It's not "Dancing with the Stars," but a group of inner city kids got the chance of a lifetime.
They danced, sang, acted in - and even produced - their very own stage play and they did it all with a little help from someone many of them have watched on TV.
Dawnn Lewis is best known for her roles in sitcoms such as "A Different World" and "Hangin' with Mr. Cooper." But for the past 14 years, she has taken on a more important role -- acting coach and mentor to inner city kids.
"I love being creative," Lewis said. "I love finding all kinds of ways to express myself and I know I only did that because someone took the time to encourage me. So that's why it's important for me to be here for these young people to encourage them."
Lewis serves on the board of advisors for Youth Entertainment Studios or YES, a non-profit camp in Chesapeake, Va. that teaches young people about music production and marketing. It gives them hope to dream beyond a life of drugs and crime.
"We use the arts to encourage and cultivate a spirit of success in our young people," Lewis explained. "We teach the young people how to create and develop either a film project, a television project, a stage project or a movie project or a music project. And these kids are kids who never would have normally spoken to each other in school."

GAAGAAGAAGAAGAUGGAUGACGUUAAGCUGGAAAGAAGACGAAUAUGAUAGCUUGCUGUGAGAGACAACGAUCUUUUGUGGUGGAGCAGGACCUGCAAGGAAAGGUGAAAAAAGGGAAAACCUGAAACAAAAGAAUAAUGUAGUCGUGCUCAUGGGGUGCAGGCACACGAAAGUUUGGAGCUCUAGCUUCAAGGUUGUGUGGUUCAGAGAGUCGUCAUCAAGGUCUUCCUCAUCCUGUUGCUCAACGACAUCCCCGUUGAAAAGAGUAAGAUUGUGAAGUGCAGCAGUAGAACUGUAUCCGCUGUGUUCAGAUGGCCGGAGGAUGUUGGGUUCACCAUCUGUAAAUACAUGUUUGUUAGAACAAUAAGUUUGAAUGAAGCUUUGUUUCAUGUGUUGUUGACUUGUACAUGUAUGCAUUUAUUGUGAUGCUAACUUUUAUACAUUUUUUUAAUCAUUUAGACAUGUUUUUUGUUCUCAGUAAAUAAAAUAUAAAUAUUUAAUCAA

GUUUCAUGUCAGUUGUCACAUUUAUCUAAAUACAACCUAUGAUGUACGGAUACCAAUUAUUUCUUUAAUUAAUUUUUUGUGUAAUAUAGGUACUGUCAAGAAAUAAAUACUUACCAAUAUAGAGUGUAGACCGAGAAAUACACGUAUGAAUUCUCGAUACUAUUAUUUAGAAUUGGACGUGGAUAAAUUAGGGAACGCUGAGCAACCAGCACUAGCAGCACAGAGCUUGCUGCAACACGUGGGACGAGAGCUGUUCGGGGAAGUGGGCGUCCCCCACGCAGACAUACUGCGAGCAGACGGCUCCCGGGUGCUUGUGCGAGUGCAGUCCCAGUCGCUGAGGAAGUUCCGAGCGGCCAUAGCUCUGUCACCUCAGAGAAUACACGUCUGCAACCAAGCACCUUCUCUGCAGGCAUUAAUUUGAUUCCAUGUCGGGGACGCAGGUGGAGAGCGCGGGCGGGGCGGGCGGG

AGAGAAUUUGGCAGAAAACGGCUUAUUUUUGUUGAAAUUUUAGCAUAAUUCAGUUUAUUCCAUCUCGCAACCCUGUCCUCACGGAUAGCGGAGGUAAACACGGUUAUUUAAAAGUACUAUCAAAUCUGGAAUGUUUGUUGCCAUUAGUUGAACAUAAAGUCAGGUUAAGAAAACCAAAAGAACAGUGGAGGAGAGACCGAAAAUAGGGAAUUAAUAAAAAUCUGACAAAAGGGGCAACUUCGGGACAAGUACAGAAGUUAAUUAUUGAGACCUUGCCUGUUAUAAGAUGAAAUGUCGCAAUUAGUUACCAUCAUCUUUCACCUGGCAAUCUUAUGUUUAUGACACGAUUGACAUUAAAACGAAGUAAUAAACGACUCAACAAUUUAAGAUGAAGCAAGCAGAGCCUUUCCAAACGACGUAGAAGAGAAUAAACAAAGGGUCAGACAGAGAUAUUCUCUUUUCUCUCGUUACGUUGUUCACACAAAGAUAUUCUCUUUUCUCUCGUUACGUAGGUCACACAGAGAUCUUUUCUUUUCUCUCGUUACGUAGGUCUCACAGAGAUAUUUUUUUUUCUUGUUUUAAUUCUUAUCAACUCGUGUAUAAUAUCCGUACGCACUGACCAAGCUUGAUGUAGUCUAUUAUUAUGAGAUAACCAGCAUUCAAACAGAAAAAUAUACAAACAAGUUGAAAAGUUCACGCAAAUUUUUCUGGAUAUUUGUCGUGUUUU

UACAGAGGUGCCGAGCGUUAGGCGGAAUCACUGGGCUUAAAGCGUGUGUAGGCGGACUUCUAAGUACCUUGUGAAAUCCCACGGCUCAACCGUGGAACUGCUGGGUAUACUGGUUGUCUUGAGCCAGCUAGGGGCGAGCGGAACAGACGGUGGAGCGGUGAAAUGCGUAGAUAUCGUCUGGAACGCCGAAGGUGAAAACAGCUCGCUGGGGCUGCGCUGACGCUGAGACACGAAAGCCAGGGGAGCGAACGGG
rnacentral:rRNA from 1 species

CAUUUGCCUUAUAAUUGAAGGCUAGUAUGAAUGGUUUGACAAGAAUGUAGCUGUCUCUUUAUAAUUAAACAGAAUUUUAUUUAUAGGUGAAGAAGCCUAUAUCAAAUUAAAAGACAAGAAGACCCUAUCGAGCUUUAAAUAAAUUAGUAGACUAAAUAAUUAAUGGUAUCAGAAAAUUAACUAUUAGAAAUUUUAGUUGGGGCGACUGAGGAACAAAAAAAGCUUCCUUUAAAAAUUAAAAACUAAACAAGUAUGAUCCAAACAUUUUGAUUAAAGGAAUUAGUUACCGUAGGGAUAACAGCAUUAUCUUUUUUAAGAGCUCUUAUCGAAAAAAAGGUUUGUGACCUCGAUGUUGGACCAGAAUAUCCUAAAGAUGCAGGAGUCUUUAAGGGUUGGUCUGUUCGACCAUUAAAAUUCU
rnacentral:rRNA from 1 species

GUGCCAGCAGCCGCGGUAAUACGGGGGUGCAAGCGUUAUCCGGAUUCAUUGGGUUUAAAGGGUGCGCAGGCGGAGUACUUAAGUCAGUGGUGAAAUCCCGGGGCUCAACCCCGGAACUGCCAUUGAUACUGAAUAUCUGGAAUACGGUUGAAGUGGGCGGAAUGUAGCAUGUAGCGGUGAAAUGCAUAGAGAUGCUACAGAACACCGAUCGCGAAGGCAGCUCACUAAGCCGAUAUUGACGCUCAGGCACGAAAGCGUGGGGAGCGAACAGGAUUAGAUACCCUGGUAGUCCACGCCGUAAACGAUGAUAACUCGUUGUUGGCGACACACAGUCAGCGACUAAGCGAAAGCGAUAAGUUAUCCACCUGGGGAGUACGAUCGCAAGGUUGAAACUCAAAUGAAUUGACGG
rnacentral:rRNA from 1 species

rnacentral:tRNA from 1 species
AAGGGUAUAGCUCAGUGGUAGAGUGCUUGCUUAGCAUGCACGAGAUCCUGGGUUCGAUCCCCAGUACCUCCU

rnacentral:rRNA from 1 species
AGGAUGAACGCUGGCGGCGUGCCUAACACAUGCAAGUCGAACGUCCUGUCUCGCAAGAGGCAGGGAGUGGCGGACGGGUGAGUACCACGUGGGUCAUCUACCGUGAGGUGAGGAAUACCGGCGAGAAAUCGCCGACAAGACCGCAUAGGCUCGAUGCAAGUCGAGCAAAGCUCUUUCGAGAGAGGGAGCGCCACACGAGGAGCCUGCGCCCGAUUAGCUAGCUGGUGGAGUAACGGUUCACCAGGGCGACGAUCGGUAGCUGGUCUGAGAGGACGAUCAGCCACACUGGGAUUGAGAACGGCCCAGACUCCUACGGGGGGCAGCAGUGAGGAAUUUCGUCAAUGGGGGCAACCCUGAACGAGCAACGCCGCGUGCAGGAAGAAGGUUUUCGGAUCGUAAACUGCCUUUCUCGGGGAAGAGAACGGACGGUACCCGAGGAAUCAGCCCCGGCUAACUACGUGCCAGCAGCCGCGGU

Each year, the six week camp culminates into a professional theater presentation. This year's theme is combating gang violence -- something YES campers face on a daily basis.
"We were actually given a community empowerment grant by the city of Chesapeake to end gang violence in the community and the theme of the play kind of centers around that," said YES staff member Courtney Greene. "Talking to these kids about giving them a voice, expressing their voice, and using that to stay away from those negative activities."
For the kids it is a chance to have fun while learning vital life lessons.
"I believe it's exciting," said YES Camper Ricky McKelvin. "I believe it's very exciting, I've never done nothing like this before. You know it starts from singing in your room to music to your singing on a mic and you're being produced."
Camper Mykkia Barrow said she is not as self-centered anymore.
"I've learned to appreciate the better things in life," she said.
And that response from campers is what keeps Lewis coming back year after year.
"Some of these kids will never go into entertainment as a profession," she said. "But what they come away with after our program is how to put the pieces together to achieve a goal, to succeed in an area that you really had no clue of before and they apply that across the board."
*Original broadcast August 21, 2009.